"In the writers' minds it was a relationship out of need and not 
necessarily depth," Ms. Tierney said this summer on the set. "But it's 
so interesting that they wound up together, because they're both missing 
something - some part of their spirit is divided." Mr. Visnjic added, 
"Abby presumed that Luka was emotionally unavailable, and that's why she 
went for him." 
Certainly these two, both introduced during the 1999-2000 season, embody 
the willingness of "E.R." to explore the darker recesses of its 
characters. "All of the characters are approached through their 
emotional inadequacies," Ms. Tierney said. "That's how they're defined; 
that's how the characters navigate the stories." 
Mr. Visnjic and Ms. Tierney are the best reasons, among a highly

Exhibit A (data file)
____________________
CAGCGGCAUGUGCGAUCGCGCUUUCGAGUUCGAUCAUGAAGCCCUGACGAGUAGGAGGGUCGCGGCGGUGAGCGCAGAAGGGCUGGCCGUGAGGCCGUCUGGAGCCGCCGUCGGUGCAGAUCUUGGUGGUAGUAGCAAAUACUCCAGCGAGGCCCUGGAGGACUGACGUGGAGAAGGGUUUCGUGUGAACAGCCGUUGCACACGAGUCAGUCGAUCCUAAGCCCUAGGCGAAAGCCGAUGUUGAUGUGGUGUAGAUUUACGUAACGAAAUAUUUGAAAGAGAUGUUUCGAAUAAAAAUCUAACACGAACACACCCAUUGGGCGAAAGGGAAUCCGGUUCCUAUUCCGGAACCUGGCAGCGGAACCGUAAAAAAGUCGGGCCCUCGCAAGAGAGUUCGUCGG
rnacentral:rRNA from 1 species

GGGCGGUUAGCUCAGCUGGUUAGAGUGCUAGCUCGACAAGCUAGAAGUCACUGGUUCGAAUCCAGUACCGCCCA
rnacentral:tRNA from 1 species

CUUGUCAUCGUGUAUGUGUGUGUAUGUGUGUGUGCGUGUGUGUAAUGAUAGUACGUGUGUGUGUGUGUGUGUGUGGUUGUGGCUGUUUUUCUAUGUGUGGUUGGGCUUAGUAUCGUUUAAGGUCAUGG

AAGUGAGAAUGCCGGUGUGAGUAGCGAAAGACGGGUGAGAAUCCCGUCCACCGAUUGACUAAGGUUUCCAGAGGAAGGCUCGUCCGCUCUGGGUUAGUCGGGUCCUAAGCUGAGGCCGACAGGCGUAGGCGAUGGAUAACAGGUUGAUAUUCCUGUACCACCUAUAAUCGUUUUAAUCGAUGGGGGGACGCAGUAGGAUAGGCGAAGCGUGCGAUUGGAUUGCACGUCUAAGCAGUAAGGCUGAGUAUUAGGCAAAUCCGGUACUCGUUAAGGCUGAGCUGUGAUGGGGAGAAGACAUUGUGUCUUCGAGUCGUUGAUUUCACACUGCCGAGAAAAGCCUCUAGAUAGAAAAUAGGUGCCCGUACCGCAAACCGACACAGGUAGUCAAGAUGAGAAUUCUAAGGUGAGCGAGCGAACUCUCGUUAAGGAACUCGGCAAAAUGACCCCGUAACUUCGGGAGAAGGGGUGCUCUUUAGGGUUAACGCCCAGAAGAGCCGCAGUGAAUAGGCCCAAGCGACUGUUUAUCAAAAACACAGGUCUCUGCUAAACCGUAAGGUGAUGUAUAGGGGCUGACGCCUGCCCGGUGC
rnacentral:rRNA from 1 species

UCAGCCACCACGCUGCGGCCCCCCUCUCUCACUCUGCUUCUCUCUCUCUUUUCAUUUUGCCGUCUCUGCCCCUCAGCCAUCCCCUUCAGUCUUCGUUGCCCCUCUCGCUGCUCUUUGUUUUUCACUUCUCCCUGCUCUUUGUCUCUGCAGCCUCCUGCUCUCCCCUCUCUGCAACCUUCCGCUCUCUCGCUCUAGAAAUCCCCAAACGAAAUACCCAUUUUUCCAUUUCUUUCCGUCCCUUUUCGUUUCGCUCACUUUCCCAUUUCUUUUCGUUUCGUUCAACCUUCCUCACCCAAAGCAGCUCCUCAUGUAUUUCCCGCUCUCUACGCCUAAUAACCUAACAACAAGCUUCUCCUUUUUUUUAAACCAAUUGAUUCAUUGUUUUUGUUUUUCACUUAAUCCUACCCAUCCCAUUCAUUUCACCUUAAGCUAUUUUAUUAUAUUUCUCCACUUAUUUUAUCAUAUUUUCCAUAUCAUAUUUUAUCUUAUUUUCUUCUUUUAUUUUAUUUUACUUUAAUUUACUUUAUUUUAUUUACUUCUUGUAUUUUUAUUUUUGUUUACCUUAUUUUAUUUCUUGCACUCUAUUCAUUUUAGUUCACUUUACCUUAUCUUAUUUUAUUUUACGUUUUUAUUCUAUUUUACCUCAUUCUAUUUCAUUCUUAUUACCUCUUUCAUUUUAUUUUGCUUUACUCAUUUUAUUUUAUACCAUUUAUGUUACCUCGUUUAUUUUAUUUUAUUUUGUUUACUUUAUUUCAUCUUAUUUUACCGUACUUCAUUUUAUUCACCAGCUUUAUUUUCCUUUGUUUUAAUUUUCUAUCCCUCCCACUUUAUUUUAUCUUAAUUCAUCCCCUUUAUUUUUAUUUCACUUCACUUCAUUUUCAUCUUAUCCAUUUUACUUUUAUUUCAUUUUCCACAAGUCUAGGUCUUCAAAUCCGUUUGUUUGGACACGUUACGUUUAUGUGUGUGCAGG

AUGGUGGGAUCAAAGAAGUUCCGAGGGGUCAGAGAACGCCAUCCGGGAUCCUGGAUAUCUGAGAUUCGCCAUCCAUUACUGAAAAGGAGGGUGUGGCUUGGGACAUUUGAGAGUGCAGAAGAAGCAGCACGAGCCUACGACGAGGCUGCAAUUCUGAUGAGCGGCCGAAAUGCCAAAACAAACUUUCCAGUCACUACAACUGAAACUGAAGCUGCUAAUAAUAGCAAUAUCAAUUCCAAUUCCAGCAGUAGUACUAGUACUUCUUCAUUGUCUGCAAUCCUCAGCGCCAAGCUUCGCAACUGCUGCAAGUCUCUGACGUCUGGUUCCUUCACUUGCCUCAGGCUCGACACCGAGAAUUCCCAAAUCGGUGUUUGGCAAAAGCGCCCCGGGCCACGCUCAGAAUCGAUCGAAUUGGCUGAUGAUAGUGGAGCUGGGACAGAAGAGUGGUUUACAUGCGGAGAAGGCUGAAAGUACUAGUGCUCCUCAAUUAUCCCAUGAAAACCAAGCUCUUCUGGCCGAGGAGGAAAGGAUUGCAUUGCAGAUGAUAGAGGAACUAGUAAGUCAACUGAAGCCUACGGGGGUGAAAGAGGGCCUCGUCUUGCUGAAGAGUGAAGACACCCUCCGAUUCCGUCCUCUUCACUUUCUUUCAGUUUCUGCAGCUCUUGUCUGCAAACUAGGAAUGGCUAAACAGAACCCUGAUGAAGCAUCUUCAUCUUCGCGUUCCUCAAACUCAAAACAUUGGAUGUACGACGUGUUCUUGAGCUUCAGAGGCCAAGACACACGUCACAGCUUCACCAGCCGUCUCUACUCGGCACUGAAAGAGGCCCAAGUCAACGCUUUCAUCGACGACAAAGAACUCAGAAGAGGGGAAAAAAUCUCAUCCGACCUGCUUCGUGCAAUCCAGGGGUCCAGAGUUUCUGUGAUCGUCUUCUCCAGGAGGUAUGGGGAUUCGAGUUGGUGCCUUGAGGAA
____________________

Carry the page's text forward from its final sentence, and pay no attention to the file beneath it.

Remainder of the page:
skillful cast, to watch NBC's enduring melodrama, which has been around 
since 1994 and is as affecting as any medical series TV has produced. 
(As Kerry Weaver, the lesbian physician who directs the emergency room, 
Laura Innes shares top acting honors with them.) Ms. Tierney, who 
studied in New York at Circle in the Square in the mid-80's, slipped 
into the cast of "E.R." after five years on "News Radio" and appearances 
in several feature films, including Mike Nichols's "Primary Colors." Mr. 
Visnjic received classical training at Zagreb's Academy of Dramatic Arts 
(he played Hamlet over seven summers in a co- production of the Croatian 
National Theater and the Dubrovnik Summer Festival) and first gained the 
attention of Western audiences with a touching, fully inhabited 
supporting performance in the movie "Welcome to Sarajevo." "But I 
consider `E.R.' my biggest training ever," he said. "It's almost easier 
for me that it's in a foreign language, because it's so foreign in every 
way for me to be on a show like this." 
Watching his work, you can guess what he means. His style is both 
interior and exterior - a stylized approach tempered with psychological 
realism. As an actor, he seems constantly to be modifying his technique,